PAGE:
whether the strike or conduct in furtherance thereof was in response to unjustified conduct by another party to the dispute;
whether there was compliance with any order of the Labour Court interdicting the strike;
the interests of orderly collective bargaining;
the duration of the strike or conduct in furtherance thereof; and
the financial position of the employer, trade union or employees respectively.
The Labour Court takes the above factors into account in deciding whether it would be just and equitable for compensation to be awarded and, if so, what the fair quantum should be. The court exercises discretion in this regard and does not simply apply a mechanical calculation of losses actually suffered. There are few reported cases of employers pursuing this statutory remedy – in all those cases, the quantum of the compensation that the court has awarded has been low relative to the losses suffered. In Mangaung Municipality v SAMWU,(1) the employer had sued for losses of approximately R270,000, but the court discounted part of those losses for technical reasons and ultimately awarded the employer an amount of only R25,000. In Rustenburg Platinum Mines Ltd v Mouthpiece Workers Union,(2) the employer started out by seeking damages of approximately R15 million in respect of an unprotected strike. However, by the end of the trial and before judgment was given, the employer (for reasons that are not disclosed in the judgment) limited its claim to just R100,000. The court ultimately ordered that the sum should be paid by the union to the employer in instalments of R5,000 per month – the judge did say, however, that this "fell well within the upper limit of what [he] would have considered fair in all the circumstances". The only other reported case for which an award of compensation has been made is Algoa Bus Company v SATAWU.(3) The employer sought an award of R465,000, but was awarded only R100,000 – the court appears to have been influenced by the fact that the strike lasted only 16 hours and not two days, as the employer had claimed. The court also ordered that the R100,000 be repaid in instalments of R50 per month. Having regard to such reduced level of compensation awarded and the likely high cost of litigation, it is unsurprising that few employers have pursued relief under this remedy.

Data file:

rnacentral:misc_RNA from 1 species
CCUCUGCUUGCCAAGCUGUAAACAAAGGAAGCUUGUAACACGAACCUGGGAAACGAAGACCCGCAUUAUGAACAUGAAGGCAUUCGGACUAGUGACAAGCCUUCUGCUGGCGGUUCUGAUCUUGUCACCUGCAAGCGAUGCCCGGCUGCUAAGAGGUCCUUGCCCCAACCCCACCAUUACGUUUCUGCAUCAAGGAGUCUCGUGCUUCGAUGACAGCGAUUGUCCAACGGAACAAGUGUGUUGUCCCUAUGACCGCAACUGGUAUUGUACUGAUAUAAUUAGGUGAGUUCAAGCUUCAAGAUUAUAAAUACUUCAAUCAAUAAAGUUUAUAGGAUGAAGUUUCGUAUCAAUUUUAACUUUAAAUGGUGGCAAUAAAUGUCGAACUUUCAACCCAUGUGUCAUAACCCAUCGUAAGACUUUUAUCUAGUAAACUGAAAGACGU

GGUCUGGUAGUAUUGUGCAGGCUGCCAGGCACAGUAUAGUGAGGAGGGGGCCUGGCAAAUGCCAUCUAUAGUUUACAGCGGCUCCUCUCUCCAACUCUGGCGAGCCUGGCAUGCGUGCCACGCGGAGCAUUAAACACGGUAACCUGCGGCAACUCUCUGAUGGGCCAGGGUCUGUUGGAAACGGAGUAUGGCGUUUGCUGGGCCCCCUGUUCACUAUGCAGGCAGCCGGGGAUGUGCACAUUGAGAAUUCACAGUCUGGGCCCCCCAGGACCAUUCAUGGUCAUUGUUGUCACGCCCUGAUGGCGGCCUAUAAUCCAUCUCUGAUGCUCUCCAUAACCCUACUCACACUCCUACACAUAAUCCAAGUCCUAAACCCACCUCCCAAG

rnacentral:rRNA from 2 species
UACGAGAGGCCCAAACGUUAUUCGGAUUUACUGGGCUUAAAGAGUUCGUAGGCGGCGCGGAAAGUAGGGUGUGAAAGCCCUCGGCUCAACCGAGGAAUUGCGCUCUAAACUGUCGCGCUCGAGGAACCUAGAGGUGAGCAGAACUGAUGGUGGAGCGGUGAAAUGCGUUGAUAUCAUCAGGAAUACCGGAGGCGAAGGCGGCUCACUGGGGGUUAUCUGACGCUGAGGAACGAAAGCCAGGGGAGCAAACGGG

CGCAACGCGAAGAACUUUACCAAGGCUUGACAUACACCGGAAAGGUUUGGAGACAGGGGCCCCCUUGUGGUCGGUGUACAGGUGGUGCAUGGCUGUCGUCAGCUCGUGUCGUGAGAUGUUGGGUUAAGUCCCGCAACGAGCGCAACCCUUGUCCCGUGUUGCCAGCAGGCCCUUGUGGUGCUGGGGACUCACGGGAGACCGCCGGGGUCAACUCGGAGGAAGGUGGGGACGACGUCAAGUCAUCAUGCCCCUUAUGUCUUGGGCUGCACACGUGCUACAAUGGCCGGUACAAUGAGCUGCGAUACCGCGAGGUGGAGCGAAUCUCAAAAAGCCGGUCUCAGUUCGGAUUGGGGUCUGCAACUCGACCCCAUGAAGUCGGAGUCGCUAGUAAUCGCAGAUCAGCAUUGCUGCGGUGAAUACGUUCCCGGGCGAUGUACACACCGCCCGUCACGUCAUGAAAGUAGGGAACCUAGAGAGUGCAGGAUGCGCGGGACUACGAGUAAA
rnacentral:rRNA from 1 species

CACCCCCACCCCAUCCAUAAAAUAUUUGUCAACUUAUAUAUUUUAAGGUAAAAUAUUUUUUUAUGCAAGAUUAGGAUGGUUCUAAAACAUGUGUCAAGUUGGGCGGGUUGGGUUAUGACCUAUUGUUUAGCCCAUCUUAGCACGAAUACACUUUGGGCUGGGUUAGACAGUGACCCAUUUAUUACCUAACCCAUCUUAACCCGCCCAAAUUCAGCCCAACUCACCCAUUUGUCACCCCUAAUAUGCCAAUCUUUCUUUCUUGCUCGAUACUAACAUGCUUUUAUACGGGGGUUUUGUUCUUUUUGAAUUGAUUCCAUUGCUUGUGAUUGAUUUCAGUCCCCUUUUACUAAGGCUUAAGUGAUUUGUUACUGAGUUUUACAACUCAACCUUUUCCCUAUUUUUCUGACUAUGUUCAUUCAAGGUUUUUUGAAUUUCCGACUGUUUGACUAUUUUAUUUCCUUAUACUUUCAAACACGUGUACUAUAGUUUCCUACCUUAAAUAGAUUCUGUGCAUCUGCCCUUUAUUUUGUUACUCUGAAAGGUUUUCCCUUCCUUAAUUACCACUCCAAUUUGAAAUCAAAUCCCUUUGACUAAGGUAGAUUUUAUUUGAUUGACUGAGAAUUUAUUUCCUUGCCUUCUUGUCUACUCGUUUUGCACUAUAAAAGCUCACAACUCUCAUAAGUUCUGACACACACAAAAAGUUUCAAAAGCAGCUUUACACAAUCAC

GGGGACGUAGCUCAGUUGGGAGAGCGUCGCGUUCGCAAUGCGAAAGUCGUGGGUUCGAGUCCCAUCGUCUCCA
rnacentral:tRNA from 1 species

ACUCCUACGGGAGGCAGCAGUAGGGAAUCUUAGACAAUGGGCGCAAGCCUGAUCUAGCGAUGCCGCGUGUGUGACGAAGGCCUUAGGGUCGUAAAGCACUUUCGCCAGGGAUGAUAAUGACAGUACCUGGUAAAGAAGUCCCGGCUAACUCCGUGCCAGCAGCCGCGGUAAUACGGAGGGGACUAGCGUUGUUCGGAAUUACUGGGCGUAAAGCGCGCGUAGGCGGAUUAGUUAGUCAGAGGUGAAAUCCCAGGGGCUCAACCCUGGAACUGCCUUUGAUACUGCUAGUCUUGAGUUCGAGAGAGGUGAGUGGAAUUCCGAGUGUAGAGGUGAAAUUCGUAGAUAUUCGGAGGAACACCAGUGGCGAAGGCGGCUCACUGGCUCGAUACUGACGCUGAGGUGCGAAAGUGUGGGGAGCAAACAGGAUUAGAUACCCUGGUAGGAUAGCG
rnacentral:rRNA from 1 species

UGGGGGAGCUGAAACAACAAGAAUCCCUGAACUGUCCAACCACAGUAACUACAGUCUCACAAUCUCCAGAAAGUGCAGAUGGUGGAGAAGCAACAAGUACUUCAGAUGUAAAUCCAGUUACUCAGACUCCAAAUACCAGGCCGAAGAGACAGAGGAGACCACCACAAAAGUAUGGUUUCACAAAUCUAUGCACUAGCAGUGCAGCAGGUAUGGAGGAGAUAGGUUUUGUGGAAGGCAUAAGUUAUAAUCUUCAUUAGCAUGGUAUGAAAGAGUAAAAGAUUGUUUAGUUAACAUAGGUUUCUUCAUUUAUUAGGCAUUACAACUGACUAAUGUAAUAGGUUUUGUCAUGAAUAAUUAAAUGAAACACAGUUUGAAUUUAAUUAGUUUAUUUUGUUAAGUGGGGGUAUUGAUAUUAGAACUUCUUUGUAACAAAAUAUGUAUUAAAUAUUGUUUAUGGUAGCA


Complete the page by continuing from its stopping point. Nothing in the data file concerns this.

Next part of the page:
Given the prospect of a reduced quantum of compensation award under a Section 68 statutory claim, consideration could be given to pursuing a civil, delictual claim. In the ordinary course, a person who has been subjected to a delict by another has a claim under the common law against the wrongdoer for damages, which are calculated to be the amount required to place the innocent party in the position it would have been had the delict not been committed. The computation of damages in this regard would not suffer from the same problems of the consideration of the just and equitable factors as would arise in a Section 68 claim. Such a claim would usually be pursued in the common law courts (ie, the High Court). However, there appears to be no reported case of such a claim by an employer succeeding ever since Section 68(1)(b) has been applicable. Section 68(1) also reserves exclusive jurisdiction for the Labour Court to order payment for any loss incurred as a result of an unprotected strike or conduct in furtherance thereof; a defendant union may try to argue that this means that only a Section 68(1)(b) claim is possible, to the exclusion of a delictual claim in the common law courts.
Employers are left in an unsatisfactory position in relation to obtaining real recompense for losses suffered from unlawful conduct relating to a strike. Obtaining urgent interdictory relief to stop ongoing damage remains the best remedy to limit losses. However, in respect of losses already suffered, it seems that employers will have difficulty in recovering anything meaningful, unless the Labour Court takes a harder line with Section 68 compensation awards against the wrongdoers or delictual claims are pursued successfully, or there is legislative change.